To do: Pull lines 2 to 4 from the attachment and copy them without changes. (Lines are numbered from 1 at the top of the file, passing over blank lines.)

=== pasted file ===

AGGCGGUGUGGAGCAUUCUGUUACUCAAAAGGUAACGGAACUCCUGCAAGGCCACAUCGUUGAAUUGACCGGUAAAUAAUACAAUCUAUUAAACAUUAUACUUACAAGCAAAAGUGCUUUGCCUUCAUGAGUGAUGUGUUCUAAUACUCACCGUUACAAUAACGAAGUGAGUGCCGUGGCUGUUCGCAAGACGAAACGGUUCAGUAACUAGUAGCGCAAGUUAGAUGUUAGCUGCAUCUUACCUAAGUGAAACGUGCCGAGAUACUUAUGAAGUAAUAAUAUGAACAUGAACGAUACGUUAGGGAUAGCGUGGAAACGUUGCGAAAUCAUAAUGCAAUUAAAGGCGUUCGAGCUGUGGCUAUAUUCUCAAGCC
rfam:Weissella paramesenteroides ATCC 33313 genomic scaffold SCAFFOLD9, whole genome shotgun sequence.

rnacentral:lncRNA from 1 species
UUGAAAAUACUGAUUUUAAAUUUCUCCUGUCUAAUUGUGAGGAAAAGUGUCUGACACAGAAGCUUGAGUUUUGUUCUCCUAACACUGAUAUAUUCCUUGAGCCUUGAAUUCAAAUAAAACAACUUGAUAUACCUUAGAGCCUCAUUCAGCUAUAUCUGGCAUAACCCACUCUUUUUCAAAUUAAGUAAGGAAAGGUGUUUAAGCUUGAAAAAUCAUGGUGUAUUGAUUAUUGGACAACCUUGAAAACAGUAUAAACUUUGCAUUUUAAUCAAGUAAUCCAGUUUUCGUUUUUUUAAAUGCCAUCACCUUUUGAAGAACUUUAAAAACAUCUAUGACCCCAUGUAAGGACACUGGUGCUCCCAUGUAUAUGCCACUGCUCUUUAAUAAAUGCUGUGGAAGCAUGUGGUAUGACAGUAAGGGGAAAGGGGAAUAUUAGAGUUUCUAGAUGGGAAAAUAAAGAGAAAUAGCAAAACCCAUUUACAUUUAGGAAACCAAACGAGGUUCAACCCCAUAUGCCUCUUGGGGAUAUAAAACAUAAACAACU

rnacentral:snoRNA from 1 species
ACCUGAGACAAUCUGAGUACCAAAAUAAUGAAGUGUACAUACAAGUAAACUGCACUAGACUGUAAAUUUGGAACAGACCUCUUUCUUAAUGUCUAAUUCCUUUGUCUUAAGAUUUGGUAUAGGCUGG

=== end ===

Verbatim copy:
rfam:Weissella paramesenteroides ATCC 33313 genomic scaffold SCAFFOLD9, whole genome shotgun sequence.

rnacentral:lncRNA from 1 species
UUGAAAAUACUGAUUUUAAAUUUCUCCUGUCUAAUUGUGAGGAAAAGUGUCUGACACAGAAGCUUGAGUUUUGUUCUCCUAACACUGAUAUAUUCCUUGAGCCUUGAAUUCAAAUAAAACAACUUGAUAUACCUUAGAGCCUCAUUCAGCUAUAUCUGGCAUAACCCACUCUUUUUCAAAUUAAGUAAGGAAAGGUGUUUAAGCUUGAAAAAUCAUGGUGUAUUGAUUAUUGGACAACCUUGAAAACAGUAUAAACUUUGCAUUUUAAUCAAGUAAUCCAGUUUUCGUUUUUUUAAAUGCCAUCACCUUUUGAAGAACUUUAAAAACAUCUAUGACCCCAUGUAAGGACACUGGUGCUCCCAUGUAUAUGCCACUGCUCUUUAAUAAAUGCUGUGGAAGCAUGUGGUAUGACAGUAAGGGGAAAGGGGAAUAUUAGAGUUUCUAGAUGGGAAAAUAAAGAGAAAUAGCAAAACCCAUUUACAUUUAGGAAACCAAACGAGGUUCAACCCCAUAUGCCUCUUGGGGAUAUAAAACAUAAACAACU